Published by: Digital Schools
Making Friends With Trees
Our brains and bodies talk to trees through energetic and chemical pathways established millions of years ago. Humans came from the forest. We are primates, relatives of great apes, and, once upon a time; we lived in trees.
When we spend enough time with trees, the ancient connection to them and the earth ignites inside us. Our bodies and brains are receptive to the elemental, chemical and energetic fields circulating throughout the living world.
All our physiological systems are engaged. And when we stand with trees and begin to breathe, our body and brain heal themselves.
In the process of ‘ nature bathing’, or Shinrin – Yoku, humans can bond to trees when we breathe, and it’s more than the air we share that unites us.
Trees release particular chemical messages into the atmosphere to help them fight diseases. These natural chemical compounds, plant oils and aerosols are also helpful to humans.
The antiviral and antifungal compounds plants release through their leaves and bark trigger our immune system to create special Killer Cells. KC cells kill viruses and tumours and boost our immunity.
– Dr Qing Li, ‘Into The Forest’
Resources and Links
‘Into the Forest’
How Trees Can Help You Find Health and Happiness
(Author: Dr Qing Li, Associate Professor at the Nippon Medical School in Tokyo and President of the Japanese Society of Forest Therapy.)
Time To Make Friends With Trees
It’s time to do more than just spending time in nature, it is time to make friends.
Touching the trunk of a tree or even touching something made from wood lowers blood pressure and cortisol levels and balances our hormones. People are calmer, happier and live longer when around trees regularly. Humans who live in houses made from trees and work from desks made of timber are more productive in their work, feel more creative, less distracted, and sleep better.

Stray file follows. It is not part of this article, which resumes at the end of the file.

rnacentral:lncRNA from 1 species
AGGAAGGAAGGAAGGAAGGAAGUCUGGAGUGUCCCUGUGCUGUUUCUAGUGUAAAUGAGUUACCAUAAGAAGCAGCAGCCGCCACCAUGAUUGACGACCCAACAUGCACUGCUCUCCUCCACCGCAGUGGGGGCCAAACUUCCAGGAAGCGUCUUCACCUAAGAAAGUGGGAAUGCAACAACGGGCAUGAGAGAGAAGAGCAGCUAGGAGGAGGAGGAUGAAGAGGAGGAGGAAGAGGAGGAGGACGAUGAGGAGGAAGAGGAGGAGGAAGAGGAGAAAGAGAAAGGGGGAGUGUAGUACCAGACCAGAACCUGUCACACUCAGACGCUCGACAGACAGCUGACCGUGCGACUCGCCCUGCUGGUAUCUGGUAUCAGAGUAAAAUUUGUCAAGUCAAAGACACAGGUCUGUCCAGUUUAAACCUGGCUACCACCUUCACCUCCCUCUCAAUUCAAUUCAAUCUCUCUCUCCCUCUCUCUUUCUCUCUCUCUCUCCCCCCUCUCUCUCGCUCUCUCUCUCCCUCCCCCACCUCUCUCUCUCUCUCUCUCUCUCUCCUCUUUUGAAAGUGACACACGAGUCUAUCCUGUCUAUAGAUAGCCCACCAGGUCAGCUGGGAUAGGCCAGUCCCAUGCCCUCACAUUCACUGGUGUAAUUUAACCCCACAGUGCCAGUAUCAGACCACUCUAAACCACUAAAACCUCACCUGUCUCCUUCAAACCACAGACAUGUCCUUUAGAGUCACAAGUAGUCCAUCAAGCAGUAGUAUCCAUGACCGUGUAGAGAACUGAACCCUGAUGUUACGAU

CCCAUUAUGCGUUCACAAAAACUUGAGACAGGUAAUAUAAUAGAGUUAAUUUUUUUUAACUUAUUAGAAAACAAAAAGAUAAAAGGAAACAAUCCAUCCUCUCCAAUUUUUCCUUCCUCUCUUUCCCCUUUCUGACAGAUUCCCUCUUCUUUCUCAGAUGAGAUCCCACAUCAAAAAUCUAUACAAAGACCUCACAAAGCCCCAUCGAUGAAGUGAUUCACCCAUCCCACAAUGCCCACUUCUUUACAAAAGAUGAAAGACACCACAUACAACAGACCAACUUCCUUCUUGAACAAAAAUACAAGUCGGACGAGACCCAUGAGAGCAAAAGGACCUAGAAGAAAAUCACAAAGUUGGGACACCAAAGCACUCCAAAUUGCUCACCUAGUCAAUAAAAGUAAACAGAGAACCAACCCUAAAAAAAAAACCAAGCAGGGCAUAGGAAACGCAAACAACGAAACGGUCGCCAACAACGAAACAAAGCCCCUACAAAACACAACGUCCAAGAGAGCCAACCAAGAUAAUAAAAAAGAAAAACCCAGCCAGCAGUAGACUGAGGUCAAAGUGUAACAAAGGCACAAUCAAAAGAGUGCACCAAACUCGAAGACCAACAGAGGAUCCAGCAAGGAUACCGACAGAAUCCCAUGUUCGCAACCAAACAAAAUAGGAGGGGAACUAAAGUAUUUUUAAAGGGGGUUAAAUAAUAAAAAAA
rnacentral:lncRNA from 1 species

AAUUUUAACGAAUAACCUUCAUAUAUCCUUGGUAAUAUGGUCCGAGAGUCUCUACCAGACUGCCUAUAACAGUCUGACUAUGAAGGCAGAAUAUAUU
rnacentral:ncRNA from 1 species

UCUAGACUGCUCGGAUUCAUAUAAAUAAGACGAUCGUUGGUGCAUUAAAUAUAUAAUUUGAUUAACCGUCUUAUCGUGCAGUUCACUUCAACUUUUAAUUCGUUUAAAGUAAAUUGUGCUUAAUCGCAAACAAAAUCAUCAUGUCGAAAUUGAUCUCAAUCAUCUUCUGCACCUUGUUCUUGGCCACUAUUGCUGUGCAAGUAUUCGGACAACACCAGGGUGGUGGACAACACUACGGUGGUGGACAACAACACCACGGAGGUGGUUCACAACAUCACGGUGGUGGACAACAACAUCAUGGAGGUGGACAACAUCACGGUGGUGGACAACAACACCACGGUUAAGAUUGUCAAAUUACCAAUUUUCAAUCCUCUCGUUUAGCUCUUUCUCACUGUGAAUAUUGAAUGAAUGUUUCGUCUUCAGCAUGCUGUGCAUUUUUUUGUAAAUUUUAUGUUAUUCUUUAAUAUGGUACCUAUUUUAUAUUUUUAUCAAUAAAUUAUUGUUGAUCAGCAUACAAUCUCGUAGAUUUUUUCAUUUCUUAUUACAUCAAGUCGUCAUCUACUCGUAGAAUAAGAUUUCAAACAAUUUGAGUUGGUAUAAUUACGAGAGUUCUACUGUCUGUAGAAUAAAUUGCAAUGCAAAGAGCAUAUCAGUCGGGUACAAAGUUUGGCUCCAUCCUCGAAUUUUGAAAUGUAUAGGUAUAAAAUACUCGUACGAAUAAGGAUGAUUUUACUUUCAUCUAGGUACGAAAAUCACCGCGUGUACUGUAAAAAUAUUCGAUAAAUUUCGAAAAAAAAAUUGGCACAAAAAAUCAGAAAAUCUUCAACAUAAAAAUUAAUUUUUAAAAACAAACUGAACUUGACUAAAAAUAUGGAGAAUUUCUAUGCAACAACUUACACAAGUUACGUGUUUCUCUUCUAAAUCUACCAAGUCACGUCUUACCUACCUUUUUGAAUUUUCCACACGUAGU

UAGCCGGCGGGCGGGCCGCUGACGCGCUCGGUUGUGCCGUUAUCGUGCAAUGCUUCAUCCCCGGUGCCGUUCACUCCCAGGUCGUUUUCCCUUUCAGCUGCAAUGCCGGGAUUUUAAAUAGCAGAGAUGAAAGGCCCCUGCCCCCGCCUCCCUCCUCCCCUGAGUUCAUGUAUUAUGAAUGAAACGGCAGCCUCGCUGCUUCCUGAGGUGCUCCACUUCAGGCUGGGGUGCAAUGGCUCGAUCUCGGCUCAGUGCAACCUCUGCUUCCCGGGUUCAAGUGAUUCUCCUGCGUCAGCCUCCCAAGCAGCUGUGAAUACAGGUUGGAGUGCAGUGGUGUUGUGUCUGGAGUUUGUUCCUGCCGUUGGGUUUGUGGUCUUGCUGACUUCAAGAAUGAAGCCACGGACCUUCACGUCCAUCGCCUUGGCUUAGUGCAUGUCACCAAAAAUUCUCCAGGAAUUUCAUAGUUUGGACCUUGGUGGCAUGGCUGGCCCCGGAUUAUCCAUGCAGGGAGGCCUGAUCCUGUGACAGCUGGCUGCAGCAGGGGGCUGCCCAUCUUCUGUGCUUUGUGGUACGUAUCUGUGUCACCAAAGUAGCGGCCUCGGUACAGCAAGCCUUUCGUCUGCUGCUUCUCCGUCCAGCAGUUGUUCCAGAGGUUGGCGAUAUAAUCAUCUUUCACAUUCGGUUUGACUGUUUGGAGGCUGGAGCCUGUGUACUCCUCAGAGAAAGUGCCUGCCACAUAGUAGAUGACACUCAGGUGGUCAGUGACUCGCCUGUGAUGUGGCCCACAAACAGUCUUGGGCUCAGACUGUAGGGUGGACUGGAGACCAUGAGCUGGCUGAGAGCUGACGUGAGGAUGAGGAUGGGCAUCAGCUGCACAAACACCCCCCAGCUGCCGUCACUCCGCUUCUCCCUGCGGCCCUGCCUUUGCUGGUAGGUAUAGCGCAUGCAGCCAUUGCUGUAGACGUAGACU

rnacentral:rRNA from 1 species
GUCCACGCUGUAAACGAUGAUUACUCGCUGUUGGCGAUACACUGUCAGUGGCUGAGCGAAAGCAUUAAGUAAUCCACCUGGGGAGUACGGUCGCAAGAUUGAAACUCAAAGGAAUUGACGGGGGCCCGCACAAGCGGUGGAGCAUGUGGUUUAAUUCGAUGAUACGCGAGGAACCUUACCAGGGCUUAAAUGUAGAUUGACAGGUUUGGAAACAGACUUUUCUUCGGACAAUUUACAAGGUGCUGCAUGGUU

Trees help us heal, grieve, and connect to nature; they are the gatekeepers to our elemental world.
Trees are social and emotional beings like we are. They have families, live in communities, communicate via a vast underground communication network, share information and grieve. There is much to be said about our relationship to nature and why we mistreat it. Everything is perception. How we perceive the world is how we live in it.
If trees were perceived as friends, family, relatives and mothers, we would undoubtedly do much more to hold onto them. I am sure.
Guest Contributor: Emily Rack
Business Name: Horatio’s Jar
Publisher: Digital Schools
Emily Rack is a freelance creative writer and researcher, visual content creator and designer. She is the head of the content production, publication and editing for Upschool+ Guest Contributors and Horatio’s Jar is her content production agency and wellbeing school.
Emily has dedicated her life to researching and understanding matters of the mind, body and the human experience. Her discoveries and research are focused on cultivating tools and dialogue that encourage us to live in peace and harmony here on earth.
Her current focus is the environment and human connectivity, conservation, environmentalism, plant medicine, botany, biology and the practice of ‘Nature Bathing’. Emily is a writer, digital content creator, seasoned photographer and visual artist.
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